With bishops retiring, ‘It’s as crucial a time for church leadership since the 16th century’

With bishops retiring, ‘It’s as crucial a time for church leadership since the 16th century’ July 22, 2019
via Wikipedia/Creative Commons

An important reminder, and some context, from NCR: 

Pope Francis will have a rare opportunity to revamp the leadership of a large segment of the U.S. Catholic Church in the coming year, as a high number of bishops in dioceses across the country are reaching the traditional retirement age of 75.

In fact, nine residential American bishops are already 75 or older. Five more will turn that age by the end of June 2020. Although prelates can serve past retirement age at the pope’s pleasure, it is expected that many of the 14 will be replaced.

And beyond those 14, eight other U.S dioceses are already operating without a bishop after retirements and transferals of their former prelates to other areas.

Church historians say the unusual circumstance of such a grouping of openings gives Francis a unique chance to make a long-lasting mark in a relatively short period of time on the direction of the U.S. church, especially as the bishops’ conference continues to deal with the continuing crisis of clergy sexual abuse.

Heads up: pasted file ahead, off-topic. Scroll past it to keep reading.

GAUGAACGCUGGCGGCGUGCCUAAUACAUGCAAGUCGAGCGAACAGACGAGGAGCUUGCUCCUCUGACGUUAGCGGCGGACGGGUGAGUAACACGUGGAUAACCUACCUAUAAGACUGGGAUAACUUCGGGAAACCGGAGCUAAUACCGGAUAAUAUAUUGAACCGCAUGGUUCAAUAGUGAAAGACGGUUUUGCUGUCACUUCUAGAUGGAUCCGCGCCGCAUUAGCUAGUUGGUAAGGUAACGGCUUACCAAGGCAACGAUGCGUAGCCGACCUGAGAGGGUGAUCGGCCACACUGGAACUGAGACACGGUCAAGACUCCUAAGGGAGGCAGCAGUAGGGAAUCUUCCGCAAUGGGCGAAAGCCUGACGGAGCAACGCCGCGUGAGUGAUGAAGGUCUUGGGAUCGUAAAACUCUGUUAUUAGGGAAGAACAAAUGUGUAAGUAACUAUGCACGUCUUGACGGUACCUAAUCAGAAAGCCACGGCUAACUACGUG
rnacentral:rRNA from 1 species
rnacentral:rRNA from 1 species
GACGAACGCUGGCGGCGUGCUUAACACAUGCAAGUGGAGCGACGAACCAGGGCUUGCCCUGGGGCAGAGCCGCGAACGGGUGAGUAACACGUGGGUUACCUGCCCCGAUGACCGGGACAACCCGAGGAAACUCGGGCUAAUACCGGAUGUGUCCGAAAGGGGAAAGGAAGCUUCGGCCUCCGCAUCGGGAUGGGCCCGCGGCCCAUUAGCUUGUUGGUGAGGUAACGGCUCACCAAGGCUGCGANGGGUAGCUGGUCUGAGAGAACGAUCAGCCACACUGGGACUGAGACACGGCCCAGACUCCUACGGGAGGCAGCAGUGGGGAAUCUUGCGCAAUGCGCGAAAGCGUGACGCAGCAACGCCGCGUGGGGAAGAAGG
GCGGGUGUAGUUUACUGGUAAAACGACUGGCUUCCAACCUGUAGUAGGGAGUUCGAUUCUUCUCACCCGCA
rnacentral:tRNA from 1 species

“This large clumping of ordinaries turning 75 over the last several years and now coming up allows Francis — like all popes — to try to create bishops and leadership in his own image,” said Christopher Bellitto, who has written extensively on the history of the papacy.

“It’s as crucial a time for church leadership since the 16th century,” said Bellitto, referring to the Council of Trent, which tried to respond to the causes of the Protestant Reformation by stemming corruption among bishops.

Read on to see the list of those who are turning 75 now and in the months ahead.


Browse Our Archives

Follow Us!